%,Irlveat, per bash—, 11 33 313 - 4
Corn - 7 4 ill 91 kt
nye • R 4 . _
C • 4
- - -
Outs . . 43 4 46
Burk Cheat ' 60 g$ 35 •
flitck.wltrat F10ur.... 13 50 a - , a .
Clover stud 5 64 .3 Ss,
TlitiOtl.y.: wPsiP.rn.,.. .• 13 2s Gs 10
flean+,62 110, • 12 00 8 a
Pot ii. mess,, ft) b1:1. - 0
Catter. robs
PlAiroes. per butt...
- v -
SO g, 2. p y -
conszeTzb blyznow & ago. -
ISeseon Skins...,
Sheep Pelts
cm libmtistunds.
Manufactrirer of all kinds-of Upholstered
Work, wholesale arid retail. -
Over Myers Meat; Market.-Man.s2.
NOTICE is beFeti;i'- - 0.,4 , en. that mr
irlfe Mary has lett my bed and tward
out just Can+.• or tiro;oestloa, t hereby ror:4l
one harbotlnc-or trust lug n.• toy ar,,u..t
7.111 pay ra, do is of her contract tog.
TerrYtown. P* Dee. 29. Is 8?
VOTI CT.—Wriereas. mt . wife A lire
basing let/ :ay bed and f.oard sr:ol , u:
cause or prow“cattiu, cover ts 14,re-by g,,n
14 ddInC an P" ... u1 trts.ding , nr harborlng 11-r
my ace: , :n..t. as 1 sttalt.pas co debt. or her c str ca
Jog u01e....s es;tnpeded to do so by tae.•.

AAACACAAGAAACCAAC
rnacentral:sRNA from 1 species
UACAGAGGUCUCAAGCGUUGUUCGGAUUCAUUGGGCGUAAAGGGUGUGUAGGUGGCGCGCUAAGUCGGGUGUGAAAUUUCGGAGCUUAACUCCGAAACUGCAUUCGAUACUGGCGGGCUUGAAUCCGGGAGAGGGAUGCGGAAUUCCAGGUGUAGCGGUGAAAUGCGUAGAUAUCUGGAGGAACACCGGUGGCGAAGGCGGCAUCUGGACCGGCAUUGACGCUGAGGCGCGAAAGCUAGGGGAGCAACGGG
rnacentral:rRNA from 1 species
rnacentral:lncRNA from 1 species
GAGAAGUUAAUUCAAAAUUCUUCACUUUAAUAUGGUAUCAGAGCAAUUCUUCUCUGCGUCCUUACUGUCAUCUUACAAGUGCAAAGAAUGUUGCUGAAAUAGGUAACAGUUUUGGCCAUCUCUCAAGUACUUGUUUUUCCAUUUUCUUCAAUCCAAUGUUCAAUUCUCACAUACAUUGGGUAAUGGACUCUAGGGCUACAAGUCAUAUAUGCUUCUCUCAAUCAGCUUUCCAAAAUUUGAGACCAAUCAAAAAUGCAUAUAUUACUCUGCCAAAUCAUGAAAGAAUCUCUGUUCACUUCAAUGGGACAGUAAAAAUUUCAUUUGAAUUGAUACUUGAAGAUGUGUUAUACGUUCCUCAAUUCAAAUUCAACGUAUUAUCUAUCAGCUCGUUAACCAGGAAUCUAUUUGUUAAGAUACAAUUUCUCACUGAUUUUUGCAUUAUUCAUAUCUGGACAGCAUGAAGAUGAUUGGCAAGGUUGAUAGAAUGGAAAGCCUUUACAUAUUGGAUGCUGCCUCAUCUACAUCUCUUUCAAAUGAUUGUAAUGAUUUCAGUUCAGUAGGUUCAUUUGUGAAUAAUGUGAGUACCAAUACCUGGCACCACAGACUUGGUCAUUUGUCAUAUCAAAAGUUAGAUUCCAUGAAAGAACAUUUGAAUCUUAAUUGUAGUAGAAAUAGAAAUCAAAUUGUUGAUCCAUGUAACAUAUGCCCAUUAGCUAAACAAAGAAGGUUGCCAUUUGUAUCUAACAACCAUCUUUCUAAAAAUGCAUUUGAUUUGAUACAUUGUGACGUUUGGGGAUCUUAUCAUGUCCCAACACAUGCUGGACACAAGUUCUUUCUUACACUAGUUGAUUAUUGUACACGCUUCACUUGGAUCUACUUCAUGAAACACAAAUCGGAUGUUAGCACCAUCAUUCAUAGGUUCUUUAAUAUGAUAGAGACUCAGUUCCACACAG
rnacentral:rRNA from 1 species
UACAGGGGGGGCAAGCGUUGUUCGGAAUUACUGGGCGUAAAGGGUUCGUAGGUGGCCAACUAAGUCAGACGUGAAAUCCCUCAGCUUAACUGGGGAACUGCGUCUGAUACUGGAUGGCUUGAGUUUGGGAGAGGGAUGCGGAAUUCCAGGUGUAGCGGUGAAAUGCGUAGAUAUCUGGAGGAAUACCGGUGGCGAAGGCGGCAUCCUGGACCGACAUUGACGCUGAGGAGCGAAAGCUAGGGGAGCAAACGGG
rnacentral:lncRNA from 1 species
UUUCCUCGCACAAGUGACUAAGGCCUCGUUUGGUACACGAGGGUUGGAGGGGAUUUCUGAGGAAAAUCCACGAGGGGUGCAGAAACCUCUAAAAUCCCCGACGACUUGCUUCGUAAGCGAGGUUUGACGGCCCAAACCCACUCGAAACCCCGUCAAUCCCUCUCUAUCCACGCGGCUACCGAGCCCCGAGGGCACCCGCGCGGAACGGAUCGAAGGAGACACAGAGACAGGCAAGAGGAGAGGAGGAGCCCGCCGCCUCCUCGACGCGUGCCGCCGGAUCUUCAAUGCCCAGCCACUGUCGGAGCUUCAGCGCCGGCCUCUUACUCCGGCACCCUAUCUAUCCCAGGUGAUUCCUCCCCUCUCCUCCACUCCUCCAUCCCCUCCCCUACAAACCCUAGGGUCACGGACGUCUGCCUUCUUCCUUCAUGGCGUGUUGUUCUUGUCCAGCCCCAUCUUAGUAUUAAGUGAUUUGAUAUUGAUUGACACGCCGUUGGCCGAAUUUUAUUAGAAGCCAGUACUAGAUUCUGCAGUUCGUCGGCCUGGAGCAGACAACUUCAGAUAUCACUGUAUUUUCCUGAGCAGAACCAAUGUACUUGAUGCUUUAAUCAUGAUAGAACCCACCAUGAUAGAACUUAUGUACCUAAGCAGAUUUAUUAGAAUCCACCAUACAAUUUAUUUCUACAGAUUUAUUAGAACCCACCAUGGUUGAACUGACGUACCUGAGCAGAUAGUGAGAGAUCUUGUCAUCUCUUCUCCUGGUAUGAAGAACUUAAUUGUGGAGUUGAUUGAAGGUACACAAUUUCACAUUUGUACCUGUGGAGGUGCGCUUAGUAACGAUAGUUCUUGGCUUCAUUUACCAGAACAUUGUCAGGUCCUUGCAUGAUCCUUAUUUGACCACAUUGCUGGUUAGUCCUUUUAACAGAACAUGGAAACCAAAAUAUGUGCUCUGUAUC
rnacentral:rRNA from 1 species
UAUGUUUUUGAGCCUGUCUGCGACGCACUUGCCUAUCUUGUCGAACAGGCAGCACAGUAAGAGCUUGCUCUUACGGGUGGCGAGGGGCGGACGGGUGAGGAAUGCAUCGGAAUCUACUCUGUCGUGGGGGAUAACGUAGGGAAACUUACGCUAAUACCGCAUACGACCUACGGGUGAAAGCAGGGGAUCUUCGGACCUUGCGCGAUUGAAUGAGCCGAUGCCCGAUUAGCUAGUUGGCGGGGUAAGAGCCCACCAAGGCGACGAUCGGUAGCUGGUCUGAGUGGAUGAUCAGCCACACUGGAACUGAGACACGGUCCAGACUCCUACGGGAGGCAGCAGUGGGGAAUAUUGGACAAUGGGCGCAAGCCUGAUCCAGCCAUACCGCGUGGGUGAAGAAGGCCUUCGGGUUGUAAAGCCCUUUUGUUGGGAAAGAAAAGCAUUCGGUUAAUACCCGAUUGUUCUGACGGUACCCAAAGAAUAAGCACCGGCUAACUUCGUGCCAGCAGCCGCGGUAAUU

Wlnfibam, Pa., Jan. 5, lee..wl•.
Letter, of administrathn having beer, fra:.
ed to the undersigned up , u the estate of ljoia
Forrest; late of einrinntsti. 'hto. d-rea•ri, t,
tiee Is hereby given that alt perms indebn-; to
. 11:2
estate aie requested td make immediate I-sin-Lt.
and.all persons haying c'aims against sa.4esis:,,
must present the same duly authenticat.4. to tta
underalgued for settlement.
E. L. HILLISi4 -Adialin4tratc.r. .
Towanda. Pa... Jan. 5. len. ' ''' , •
But we ember in the New Yea'r with
foy ang pride. And in► order to mate ev , ry
feel happy—at least for the present—M. I.
Proprietor 54 the Great 'D ot , a
Clothing Douse. just opened in Means's: B:01,
Main street, Towanda, Pa., b.av decided , to cifq
the entire sto,k of CLUTIIING. r.00T.! ANI)
SHOE:e'clliTS AND CAl`ii. awl Gents'
log GOods at slxughterir.g prices. to 'clear igit`tti.•
store _and to eke room for their heavy 6.!
Swing Simunivri.ioods. %filch Is atresdr iwn;
'manufactured fur the Towanda Branch. ti"s s a e.
sZds..htnra - d - your kind a•tentlor.„ that we ve EV' I
io change quarters on the flat of Aprd. 1••:. t.
- No. 2 Pattro.'s Lord:
of Bridge st and owing to Mt, TPTIIrMaI we RID:
to elMe 01,1! our Winer stock fn cad-, to p•o .Lta
our or4r Location-with New Goals. New saves.
and NeW Patterns—and b. rho wlil net Irad •
shall never have irother such an opportunt y.